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Robert C. Maynard

Dr. Martin Luther King Jr. once said that “the ultimate measure of a man is not where he stands in moments of comfort and convenience, but where he stands at times of challenge and controversy.” Regardless of the odds, the strength of the foe or how entrenched and imposing the barrier, Bob Maynard always stood unflinchingly tall for a free and objective press, journalistic and personal integrity, diversity in the workplace and above all protecting the interest of the “little guy.”

His place in history as a pioneer is secure, but the ultimate measure of his legacy will be defined by the willingness of his students, journalists, executives and others he touched through personal deeds to practice what he preached and by transmitting his ideals and principles to future generations.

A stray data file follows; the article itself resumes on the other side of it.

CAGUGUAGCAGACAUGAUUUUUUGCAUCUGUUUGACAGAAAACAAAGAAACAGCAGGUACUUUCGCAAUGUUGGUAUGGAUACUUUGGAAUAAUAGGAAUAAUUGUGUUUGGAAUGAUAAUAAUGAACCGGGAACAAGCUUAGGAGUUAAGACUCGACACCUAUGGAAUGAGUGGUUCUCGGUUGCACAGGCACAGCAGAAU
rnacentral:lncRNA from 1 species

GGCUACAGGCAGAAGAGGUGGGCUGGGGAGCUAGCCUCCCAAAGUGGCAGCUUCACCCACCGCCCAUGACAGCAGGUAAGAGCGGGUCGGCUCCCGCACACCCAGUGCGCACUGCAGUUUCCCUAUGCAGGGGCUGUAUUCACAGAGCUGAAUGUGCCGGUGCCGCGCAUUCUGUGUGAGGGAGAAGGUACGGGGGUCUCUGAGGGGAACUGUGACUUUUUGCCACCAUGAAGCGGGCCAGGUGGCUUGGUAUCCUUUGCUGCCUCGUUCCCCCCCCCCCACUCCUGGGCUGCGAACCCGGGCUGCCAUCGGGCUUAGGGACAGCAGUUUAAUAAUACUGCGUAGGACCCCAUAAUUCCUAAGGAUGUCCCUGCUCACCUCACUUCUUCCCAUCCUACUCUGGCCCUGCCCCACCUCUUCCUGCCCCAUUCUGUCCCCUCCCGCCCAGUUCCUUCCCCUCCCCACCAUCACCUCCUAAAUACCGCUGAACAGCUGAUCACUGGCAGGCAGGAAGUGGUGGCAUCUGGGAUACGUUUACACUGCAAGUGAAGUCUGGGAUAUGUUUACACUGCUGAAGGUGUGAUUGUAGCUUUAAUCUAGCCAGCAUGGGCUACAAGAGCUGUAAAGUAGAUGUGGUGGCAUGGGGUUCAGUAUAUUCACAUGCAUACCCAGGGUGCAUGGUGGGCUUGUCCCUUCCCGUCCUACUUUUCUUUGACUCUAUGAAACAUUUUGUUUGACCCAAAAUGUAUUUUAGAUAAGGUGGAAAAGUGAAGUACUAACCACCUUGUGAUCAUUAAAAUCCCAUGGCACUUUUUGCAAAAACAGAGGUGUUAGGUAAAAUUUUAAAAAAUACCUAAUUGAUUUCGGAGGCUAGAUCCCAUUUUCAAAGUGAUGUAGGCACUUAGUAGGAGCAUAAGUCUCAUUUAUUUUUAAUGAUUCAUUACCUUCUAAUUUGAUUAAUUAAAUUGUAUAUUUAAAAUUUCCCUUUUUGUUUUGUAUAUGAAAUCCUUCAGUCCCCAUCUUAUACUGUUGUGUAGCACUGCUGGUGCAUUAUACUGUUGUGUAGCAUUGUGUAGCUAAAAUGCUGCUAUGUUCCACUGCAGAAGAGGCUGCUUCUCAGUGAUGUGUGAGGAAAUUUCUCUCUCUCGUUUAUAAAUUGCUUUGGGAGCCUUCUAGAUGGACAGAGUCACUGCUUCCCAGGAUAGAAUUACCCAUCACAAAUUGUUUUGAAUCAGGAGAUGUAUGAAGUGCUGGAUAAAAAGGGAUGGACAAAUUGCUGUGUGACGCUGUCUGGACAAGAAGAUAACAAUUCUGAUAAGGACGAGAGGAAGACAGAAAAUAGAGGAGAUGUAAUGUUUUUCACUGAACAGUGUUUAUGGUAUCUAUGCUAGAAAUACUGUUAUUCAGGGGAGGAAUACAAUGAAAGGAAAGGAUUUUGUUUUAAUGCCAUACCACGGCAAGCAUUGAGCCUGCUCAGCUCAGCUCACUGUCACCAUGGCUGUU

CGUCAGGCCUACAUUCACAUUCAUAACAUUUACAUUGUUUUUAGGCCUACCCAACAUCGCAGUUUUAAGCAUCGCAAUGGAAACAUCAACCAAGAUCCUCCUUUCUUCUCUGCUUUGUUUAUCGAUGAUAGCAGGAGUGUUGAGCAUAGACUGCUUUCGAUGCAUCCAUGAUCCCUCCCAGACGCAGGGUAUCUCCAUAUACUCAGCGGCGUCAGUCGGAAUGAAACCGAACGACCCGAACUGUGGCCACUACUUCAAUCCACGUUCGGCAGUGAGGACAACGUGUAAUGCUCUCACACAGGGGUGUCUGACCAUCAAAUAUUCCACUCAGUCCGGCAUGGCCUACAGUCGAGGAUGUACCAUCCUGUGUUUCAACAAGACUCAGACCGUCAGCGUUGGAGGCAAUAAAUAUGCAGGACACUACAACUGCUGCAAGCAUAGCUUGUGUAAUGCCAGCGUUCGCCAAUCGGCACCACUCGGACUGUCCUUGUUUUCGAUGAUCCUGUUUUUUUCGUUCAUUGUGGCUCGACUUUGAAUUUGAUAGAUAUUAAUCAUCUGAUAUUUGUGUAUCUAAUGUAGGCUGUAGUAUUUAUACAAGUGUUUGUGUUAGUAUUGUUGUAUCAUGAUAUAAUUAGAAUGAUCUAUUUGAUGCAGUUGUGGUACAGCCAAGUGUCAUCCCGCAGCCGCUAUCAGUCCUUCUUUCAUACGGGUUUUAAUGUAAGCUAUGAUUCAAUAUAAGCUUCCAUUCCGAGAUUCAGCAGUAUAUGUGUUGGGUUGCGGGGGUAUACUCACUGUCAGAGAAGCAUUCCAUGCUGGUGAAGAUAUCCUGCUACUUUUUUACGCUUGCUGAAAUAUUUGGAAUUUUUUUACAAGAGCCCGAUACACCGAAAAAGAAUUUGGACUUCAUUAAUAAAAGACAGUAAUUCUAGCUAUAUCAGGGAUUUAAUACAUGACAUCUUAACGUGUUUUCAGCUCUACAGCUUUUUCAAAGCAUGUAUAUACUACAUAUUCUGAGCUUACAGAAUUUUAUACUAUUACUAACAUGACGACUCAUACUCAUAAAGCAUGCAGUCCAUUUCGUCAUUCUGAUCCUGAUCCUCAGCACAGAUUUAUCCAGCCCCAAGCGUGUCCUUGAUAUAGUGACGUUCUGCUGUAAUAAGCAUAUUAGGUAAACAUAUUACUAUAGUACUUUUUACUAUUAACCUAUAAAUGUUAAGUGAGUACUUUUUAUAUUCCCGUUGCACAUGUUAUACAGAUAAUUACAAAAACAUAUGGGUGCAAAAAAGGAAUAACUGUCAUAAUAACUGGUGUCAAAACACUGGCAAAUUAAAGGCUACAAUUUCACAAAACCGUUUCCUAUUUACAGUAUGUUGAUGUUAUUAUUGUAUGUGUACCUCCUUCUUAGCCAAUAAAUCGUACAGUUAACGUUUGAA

JOHN L. BURRIS

Oakland

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* The glowing eulogies to the accomplishments of Robert C. Maynard, who died Aug. 17, are meaningful to many people who did not have access to his newspaper, the Oakland Tribune, were not personally affected by his crusade for integration in newsrooms, and were not aware that he launched the Institute for Journalism Education and became a mentor for thousands of minority reporters, editors and newspaper managers.

Many ordinary people knew about Maynard because of his TV exposure as an occasional commentator on “This Week With David Brinkley.” Viewers were impressed with his thoughtful and concise comments delivered in his sonorous voice and occasionally spiced with flashes of humor. He was greatly admired.

LOUISE HAUTER

La Canada

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